Okay, you’ve spent days, weeks — even months — carefully crafting, recording and producing a song you think is pretty great. After innumerable overdubs, mixes and remixes you’re almost done.
Then one morning you go to open the project file to give it one last listen … only to discover that the hard drive you stored it on has crashed.
There are two endings to this tale, one happy, one tragic. In the happy ending, you’ve been regularly backing up your data, so you can easily open the file from another drive.
Unfortunately, it’s the tragic ending that happens way more often, and it goes something like this: the crashed drive contained the only copy of your song, and all the painstaking work that went into recording it is probably gone forever. OK, perhaps you can go to a data recovery service to try to salvage what was on the drive, but there’s no guarantee that it will work, and it will likely cost you hundreds of dollars to even make the attempt.
IT professionals know that it’s not a matter of if a hard drive will fail, it’s a matter of when. And compromised hard drives are not the only way to lose data, either. Accidental erasure is another potential problem, as are files that for some reason have gotten corrupted and won’t open.
Most home recordists (in fact, most computer users in general) don’t start backing up regularly until after they’ve gone through the misery of losing some important data. Don’t be one of them. Instead, do yourself a favor by implementing a backup strategy now. The only way to avoid data disaster is to be proactive.
In this article, we’ll provide suggestions for backing up your DAW data, along with best practices for saving while recording and mixing, as well as a how-to for archiving completed projects.
Data pros use what’s called the “3-2-1 rule” when developing their backup strategies. That means the goal is to have three copies: the original file and two backups, one of which is stored offsite, either in a physically different location, or on a cloud-based service such as Dropbox™ or Google Drive™.
If that sounds like overkill, you can keep your data reasonably secure with a “2-1” strategy instead; that is, two total copies of your project — the original file and one that’s stored offsite or in the cloud.
To make that latter strategy work, it’s best to follow certain procedures for saving your DAW projects. Most importantly, save multiple copies of your project file (within the same folder) as you go, using the “Save As” (not the Save) command. That will create a digital “paper trail” of the progress of your project over time. Not only does this effectively protect your music from drive crashes and data corruption, but also from yourself.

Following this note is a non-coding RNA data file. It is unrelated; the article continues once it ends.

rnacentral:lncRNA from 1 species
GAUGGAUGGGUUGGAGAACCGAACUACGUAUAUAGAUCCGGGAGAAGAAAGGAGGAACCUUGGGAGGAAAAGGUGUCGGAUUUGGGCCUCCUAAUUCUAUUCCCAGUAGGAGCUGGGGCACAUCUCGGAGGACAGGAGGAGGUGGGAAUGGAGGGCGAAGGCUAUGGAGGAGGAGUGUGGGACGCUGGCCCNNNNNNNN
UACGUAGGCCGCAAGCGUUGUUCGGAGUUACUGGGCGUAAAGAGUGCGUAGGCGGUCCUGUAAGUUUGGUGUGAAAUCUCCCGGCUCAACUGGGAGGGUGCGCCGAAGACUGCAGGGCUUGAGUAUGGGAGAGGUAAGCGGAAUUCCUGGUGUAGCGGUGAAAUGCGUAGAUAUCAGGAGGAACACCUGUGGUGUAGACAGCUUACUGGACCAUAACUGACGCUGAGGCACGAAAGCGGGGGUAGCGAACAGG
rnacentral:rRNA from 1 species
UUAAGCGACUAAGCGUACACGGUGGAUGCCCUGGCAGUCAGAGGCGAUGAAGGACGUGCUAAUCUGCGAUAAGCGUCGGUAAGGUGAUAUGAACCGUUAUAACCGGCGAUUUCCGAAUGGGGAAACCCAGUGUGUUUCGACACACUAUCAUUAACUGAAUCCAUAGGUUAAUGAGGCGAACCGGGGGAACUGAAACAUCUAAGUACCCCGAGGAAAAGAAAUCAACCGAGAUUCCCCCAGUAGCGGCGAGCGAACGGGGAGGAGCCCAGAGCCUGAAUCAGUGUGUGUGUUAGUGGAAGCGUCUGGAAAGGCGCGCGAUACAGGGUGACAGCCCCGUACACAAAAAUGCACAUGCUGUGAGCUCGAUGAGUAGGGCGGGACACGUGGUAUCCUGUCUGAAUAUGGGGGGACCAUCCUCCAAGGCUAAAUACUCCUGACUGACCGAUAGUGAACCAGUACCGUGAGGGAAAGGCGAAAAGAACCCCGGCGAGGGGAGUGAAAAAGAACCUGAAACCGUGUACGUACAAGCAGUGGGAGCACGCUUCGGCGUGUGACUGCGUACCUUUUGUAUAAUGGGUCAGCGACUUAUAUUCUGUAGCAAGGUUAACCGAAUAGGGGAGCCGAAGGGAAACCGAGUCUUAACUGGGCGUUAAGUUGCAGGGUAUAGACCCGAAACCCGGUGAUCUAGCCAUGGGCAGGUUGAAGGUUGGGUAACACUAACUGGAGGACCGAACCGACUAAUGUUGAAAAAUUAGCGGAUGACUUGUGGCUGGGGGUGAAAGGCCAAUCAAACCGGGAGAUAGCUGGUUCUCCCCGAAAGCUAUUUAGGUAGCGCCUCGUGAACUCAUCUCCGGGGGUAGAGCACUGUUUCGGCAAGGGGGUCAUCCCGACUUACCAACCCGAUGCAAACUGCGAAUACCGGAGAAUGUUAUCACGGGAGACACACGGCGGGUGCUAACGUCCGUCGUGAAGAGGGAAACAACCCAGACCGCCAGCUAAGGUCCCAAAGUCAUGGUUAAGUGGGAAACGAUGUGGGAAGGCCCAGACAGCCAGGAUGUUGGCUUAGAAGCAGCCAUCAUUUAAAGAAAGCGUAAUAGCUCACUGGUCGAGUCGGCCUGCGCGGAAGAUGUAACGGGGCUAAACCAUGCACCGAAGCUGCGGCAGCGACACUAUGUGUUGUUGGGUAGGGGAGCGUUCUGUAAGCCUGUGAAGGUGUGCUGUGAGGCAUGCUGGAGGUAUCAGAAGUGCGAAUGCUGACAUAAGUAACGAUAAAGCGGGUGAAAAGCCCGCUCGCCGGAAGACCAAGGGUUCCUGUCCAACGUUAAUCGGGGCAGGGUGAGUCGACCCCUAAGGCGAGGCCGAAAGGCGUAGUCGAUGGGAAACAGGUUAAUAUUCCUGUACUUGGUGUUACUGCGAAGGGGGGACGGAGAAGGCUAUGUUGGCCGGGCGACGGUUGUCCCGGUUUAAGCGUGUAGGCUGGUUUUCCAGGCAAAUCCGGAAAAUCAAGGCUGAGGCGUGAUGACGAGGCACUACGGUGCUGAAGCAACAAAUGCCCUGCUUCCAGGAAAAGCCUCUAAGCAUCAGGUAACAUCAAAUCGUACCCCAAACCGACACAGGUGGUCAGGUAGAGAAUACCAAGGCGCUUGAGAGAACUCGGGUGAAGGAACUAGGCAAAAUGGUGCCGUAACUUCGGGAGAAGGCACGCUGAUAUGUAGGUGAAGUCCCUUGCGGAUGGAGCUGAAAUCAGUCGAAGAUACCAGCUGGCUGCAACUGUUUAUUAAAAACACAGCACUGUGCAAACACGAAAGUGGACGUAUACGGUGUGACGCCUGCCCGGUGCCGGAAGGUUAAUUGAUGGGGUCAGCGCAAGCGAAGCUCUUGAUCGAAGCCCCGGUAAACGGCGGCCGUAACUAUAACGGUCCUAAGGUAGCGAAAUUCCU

What do we mean by that? Well, if you only ever work on one copy of your song and you make changes or mix decisions that you regret, you have no easy way to revert to the way it was before. But if you save incremental versions using “Save As…” — preferably at least a couple of times every time you’re working on the song — you’ll always be able to retrace your steps and find the version you saved before you introduced the problem.
As an alternative to manual saves, many DAWs also offer automatic backup (“Auto Save”) options that create copies of your file as you go. For example, Steinberg Cubase lets you choose how often to make a backup and how many backups to keep. The backed-up files show up in your Project folder with the .bak file extension and an incremented number.
In addition to periodically saving new versions, you should also use your DAW’s plain vanilla Save command often. There are few things more frustrating than doing a great take or coming up with an inspiring new patch on your soft synth, only to have your computer crash before you’ve had a chance to save it.
The “2-1” strategy also requires that you copy the entire project folder for your song to a cloud-based storage service (or to a thumb drive or portable hard drive that you take to another location) at the end of every working session.